Social Media

Introduction to Social Media Optimization

Social Media Optimization (SMO) is a new term that was recently coined by Rohit Bhargava and has since been taking on life of its own. In his introduction to SMO, Rohit draws similar comparisons to SEO. SMO tactics can drive huge amounts of people to a website and can also determine whether a startup, website or idea will make it or not. It involves driving traffic to a website through new channels because search engines aren’t the only sites that drive big traffic anymore. While it’s not taking over SEO yet, it has the potential to someday soon.
First of all “social media” is a buzzword that has been thrown around a lot lately. But what exactly does it really mean? Wikipedia describes social media as…

the online tools and platforms that people use to share opinions, insights, experiences, and perspectives with each other. Social media can take many different forms, including text, images, audio, and video. Popular social mediums include blogs, message boards, podcasts, wikis, and vlogs.

Also, social media can be considered anything that can help build a community to rally around. Companies/websites such as Digg, Delicious, Facebook, and Revver all fit the bill. These are all websites that can now be used as places to put out your marketing message. Spreading messages through blog posts and blog search engines also fits the bill. It is all about making something easy to spread, which, by the way, used to be called word-of-mouth. Buyer beware though, you can’t force SMO. This is pull marketing; it is not “push your message onto someone marketing”.
With SEO the goals are clearly defined, you’re trying to make a website visible in the search engines. Is SMO really as simple to define as making your site visible in the social media? Does that entail anyway possible and include buying banner ads on MySpace?
Rohit defines the goals as…

The concept behind SMO is simple: implement changes to optimize a site so that it is more easily linked to, more highly visible in social media searches on custom search engines (such as Technorati), and more frequently included in relevant posts on blogs, podcasts and vlogs.

… and then he lays out 5 rules for SMO
1. Increase Your Linkability
2. Make Tagging and Bookmarking easy
3. Reward Inbound Links
4. Help Your Content Travel
5. Encourage the Mashup
…Jeremiah Owyang gives us a couple more rules
6. Be a User Resource, Even if it Doesn’t Help You
7. Reward Helpful and Valuable Users
In way it sounds a whole lot like Marketing 2.0. It is pretty much includes all the new marketing techniques that are becoming popular rolled into one, techniques such as; Linkbaiting, Usability Design, Buzz Marketing, Community Building, and anything that can be considered “pull marketing”.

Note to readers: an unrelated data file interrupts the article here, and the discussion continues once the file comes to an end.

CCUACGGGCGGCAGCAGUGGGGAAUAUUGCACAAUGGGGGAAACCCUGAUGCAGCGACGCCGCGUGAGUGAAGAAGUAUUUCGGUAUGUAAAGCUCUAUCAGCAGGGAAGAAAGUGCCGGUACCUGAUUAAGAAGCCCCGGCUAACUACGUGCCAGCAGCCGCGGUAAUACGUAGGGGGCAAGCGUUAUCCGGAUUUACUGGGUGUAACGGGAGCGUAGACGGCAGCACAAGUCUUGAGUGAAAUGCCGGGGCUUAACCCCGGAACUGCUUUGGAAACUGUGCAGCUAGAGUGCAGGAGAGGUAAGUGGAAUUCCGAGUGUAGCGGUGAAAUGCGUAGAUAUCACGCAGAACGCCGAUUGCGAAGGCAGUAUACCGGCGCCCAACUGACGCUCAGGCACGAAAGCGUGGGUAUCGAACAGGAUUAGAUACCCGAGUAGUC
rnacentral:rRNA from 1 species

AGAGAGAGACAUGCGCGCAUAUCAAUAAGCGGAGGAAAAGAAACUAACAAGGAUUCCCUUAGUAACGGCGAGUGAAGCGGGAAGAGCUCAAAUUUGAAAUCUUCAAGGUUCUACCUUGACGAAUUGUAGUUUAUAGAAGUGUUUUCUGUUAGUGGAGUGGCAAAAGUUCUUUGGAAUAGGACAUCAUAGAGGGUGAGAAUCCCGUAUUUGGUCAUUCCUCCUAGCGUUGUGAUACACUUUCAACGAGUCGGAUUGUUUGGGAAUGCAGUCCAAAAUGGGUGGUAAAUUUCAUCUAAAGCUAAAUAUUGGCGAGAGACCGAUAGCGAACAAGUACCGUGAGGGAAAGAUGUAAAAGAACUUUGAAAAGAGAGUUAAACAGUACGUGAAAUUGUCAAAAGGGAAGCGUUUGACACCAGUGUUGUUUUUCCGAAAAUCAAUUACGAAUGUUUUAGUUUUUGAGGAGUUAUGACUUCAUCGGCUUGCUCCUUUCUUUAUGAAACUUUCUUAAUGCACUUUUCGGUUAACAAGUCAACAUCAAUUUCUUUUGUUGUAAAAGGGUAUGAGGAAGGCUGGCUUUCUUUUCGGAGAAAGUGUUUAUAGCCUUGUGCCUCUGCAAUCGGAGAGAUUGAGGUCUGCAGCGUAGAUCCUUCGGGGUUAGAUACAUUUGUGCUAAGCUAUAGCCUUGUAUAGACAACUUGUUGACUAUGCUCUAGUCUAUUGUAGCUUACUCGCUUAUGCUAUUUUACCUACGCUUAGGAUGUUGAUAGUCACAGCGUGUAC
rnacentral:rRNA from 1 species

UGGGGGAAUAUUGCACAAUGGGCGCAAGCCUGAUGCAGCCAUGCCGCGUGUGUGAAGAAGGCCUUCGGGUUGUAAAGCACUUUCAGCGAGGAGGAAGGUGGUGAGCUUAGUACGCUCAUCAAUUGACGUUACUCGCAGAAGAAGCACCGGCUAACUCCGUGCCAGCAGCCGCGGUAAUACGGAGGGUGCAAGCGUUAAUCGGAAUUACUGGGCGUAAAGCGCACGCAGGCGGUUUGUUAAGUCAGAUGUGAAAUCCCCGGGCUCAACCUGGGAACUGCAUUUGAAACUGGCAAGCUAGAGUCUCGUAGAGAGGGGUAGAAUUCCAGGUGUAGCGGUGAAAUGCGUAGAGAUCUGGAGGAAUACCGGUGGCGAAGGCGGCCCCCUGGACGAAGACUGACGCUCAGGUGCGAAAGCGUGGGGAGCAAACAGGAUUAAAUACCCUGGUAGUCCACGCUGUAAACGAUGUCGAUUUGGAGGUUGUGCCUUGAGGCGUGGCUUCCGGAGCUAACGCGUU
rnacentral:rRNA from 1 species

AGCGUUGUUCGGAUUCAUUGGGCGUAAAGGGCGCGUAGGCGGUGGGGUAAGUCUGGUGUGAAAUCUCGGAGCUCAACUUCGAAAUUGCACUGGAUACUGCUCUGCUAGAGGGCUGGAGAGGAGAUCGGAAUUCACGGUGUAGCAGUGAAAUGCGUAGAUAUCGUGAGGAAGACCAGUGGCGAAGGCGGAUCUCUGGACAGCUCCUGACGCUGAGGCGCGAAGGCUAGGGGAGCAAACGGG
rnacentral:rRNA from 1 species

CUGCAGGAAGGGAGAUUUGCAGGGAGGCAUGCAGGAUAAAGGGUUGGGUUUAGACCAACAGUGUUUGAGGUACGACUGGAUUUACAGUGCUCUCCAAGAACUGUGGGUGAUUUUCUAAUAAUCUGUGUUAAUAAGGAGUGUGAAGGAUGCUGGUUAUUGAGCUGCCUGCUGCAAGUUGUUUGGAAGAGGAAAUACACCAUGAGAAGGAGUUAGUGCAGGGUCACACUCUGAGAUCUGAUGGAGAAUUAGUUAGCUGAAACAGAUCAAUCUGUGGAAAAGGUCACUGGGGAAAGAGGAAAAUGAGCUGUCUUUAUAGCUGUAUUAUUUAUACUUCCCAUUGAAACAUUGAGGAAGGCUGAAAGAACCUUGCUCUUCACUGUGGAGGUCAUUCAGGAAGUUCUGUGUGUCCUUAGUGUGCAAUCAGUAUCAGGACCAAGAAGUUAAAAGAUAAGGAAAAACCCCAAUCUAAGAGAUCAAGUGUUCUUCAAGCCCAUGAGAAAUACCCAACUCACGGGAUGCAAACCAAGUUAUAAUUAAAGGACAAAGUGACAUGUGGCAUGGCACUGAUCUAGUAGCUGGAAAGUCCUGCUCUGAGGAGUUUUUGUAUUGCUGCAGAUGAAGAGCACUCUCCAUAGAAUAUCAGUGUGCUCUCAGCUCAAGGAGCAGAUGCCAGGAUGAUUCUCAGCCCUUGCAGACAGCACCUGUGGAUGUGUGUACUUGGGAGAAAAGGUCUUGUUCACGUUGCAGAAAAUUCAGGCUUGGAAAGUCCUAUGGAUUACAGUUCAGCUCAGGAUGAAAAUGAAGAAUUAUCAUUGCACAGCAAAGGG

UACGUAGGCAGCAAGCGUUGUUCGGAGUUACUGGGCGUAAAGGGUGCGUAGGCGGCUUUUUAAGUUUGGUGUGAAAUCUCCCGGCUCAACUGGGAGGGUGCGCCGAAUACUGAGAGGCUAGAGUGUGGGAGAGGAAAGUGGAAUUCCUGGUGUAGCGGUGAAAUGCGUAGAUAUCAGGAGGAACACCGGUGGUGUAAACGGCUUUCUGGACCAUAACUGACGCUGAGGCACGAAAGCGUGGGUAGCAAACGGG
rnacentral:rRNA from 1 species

Here’s a few more possible rules…
8. Participate – Join the conversation. Social Media is a two way street, lets not forget that. By conversing with the community you are creating awareness and prolonging your buzz. You are keeping it going and this often results in a snowball effect. Participating helps your message spread further and faster.
9. Know how to target your audience – If you don’t even know your target audience you are in trouble. I would love to have everyone using my product too, but you need to be realistic. There is always going to be a certain audience you can appeal to and others that you can’t. So know your appeal and who it is appealing to.
10. Create content – There are certain kinds of content that just naturally spread socially. It does not matter what industry you are in and what boring products you sell, there is always some kind of content that can be created that will work. Whether it is creating widgets, making people laugh, or writing a whitepaper, it can be done. Know what type of content can work for you and create it.
11. Be real – The community does not reward fakers.
While social media optimization is becoming very important you can’t forget about good old SEO either. Google and Yahoo still drive mass amounts of traffic and you ca not ignore them. It is all about leveraging new mediums and riding these waves. Even though you might be getting dirt on the white glove you still have to take advantage of these powerful channels.
I’m hoping these articles will encourage discussion and new rules that develop from others. As Rohit says